HvZ is a club on campus that is headed by sophomore Hannah Dickmeyer, sophomore Dalton Haber, sophomore Orion Hartmann, junior Erik Fisher and senior Katie Boyle. Usually games last a week, so the special three-day mini-game (from Friday, Feb. 14, to Sunday, Feb. 16) was especially packed with missions to allow players to get the most out of the experience. The theme was medieval in nature and the humans had to protect their emperor as well as accomplish objectives. If the human emperor died, the zombies would get a queen who could make the zombies active again and, therefore, make it a lot harder for the humans to win. Sophomore and executive board member of HvZ Orion Hartmann said, “The best part of the game is that you’re always playing. Everyone starts out as a human and when you die you just switch teams and have different objectives. It’s an entirely different playing style and it’s fabulous.”

Since the mini-game has a medieval flare, there are lords and relics in addition to the human and zombie emperors. One of the missions that took place on Saturday, Feb. 15 was an excavation to find holy relics, in the form of pool noodles – if the excavator was tagged, the relic would go to the zombies and they would be able to use the relic against the humans. The excavator was surrounded by humans going to and from the excavation site, as well as while they were there. While at the site, the excavator had to “dig up” the relic, staying there for a certain amount of time before taking them back to where all the humans would meet again. The relics were then purified in another mission that day, allowing the humans to use them as weapons against the zombies. Sophomore Acer Lewis thought that “it was awesome, and it is somehow fun to be terrified all the time.”

Keep an eye out for the full-game coming up either in late March or early April, and be sure to sign up for an exciting, post-apocalyptic tag game where you can get exercise, a history lesson, and the camaraderie of being a surviving human or a still-active zombie.

Yummy's Korean and Japanese is…Yummy

Every time I drove down Great Mills Road last semester on my way to tutoring sessions at Carver Elementary, I was always intrigued by a tiny gray shack with a sign for “Yummy’s Korean and Japanese.” In my experience, restaurants with adjectives for names – especially adjectives promising that the food is good – are always a little dubious. After considering the fact that it was located in a small standalone building  in front of a trailer park, however, I was convinced that this place had to be good – a diamond in the rough, if you will. How else would it still be in business?

Don’t let first impressions fool you; Yummy’s is the real deal. On the recent Thursday evening that my friends and I went to dinner there, we were the only eat-in customers in the restaurant’s small but very clean dining area with red and black oriental decor. It’s definitely a family-owned place. The cook’s kids were sitting in the corner doing their schoolwork, which made the place feel very home-y, as if we were eating in their family dining room. A family dining room punctuated by steady phone calls for take-out.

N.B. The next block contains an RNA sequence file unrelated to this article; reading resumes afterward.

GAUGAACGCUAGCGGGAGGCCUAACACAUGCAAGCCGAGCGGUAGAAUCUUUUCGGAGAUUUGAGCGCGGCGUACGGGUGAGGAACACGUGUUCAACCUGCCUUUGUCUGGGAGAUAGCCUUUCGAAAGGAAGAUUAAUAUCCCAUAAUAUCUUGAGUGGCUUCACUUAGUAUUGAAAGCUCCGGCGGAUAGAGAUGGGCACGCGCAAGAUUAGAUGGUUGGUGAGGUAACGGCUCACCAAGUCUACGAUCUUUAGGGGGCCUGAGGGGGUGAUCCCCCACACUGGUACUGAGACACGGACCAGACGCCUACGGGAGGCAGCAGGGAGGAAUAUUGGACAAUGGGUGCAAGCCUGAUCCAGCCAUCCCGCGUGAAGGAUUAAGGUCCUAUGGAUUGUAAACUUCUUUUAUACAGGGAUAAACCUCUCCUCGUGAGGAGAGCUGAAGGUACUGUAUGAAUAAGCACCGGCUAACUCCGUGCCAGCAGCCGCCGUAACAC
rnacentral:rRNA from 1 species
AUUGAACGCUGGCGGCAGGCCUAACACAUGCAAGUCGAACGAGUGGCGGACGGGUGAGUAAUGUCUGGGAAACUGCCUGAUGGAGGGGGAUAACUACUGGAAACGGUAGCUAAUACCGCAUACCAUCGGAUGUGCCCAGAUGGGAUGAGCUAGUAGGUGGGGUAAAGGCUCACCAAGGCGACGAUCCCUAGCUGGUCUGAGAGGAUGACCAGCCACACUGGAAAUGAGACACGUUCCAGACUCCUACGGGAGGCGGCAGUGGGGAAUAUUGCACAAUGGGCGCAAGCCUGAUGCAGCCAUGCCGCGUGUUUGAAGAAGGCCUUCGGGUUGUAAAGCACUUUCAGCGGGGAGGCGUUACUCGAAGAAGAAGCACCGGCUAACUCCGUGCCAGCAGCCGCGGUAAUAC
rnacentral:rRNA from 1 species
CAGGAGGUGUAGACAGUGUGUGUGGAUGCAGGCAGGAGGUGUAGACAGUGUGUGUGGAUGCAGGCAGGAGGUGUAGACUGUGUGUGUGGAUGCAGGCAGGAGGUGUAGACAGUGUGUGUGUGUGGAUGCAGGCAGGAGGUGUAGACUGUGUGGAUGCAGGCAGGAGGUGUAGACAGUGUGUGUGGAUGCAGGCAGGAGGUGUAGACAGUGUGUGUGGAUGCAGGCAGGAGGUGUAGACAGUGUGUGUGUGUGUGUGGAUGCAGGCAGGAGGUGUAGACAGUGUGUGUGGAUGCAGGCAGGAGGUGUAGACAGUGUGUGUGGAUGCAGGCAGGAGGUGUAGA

The first thing we concluded after browsing the menu is that Yummy’s is cheap, which made our college-student wallets breathe a sigh of relief. On their sushi menu, you can get an avocado or cucumber roll for $2.95, and their most expensive rolls (caterpillar or baked scallop, the latter of which my friend ordered and enjoyed, and he’s not a huge sushi fan) were only $6.95.

The main meat dishes here were Korean bulgogi beef and Japanese chicken teriyaki,  which you can have served on a plate with a side of seaweed salad, squid salad, or kimchi (spicy Korean cabbage). You also had the option of putting these meats in a burrito or a sub.

Yummy’s also had a few specials written up on a whiteboard behind the counter, and from these choices I ordered the bibimbap. It’s a popular Korean dish made with of clumps of beef, steamed spinach, cucumber, broccoli, fried egg, rice noodles, and shredded carrots over a bed of rice and some spicy red chili sauce on the side.  Mix it together and bibimBAP. Deliciousness. The different colors and textures of the dish make for a meal that is pleasing to the eye as well as the taste buds. Another positive aspect of the bibimbap was the fresh ingredients, which complimented each other without a hint of the gummy MSG usually found in Asian take-out.

One friend ordered a side of lumpia, beef-filled Filipino egg rolls that she appreciated for their crunchy savoriness, as well as the Las Vegas sushi roll, deep-fried with avocado, salmon, cream cheese, and eel sauce, which she said was equally delightful. Another dining partner ordered the special of yaki soba noodles and vegetables, as well as an avocado roll, and he left feeling very full and happy indeed.

We decided that a return trip to Yummy’s is definitely in order, as we are growing tired of other Asian take-out options in the County. If you yourself would like to give this hidden gem a try, I advise you to plan accordingly: Yummy’s closes at 7 p.m. (earlier than most restaurants). After all, those kids have to get their sleep. But if you go for a filling, tasty, and cheap early dinner, you will not be disappointed.

Yummy’s Korean and Japanese Fusion Cuisine, 21009 Great Mills Rd., Lexington Park, MD 20653, (301) 737-0191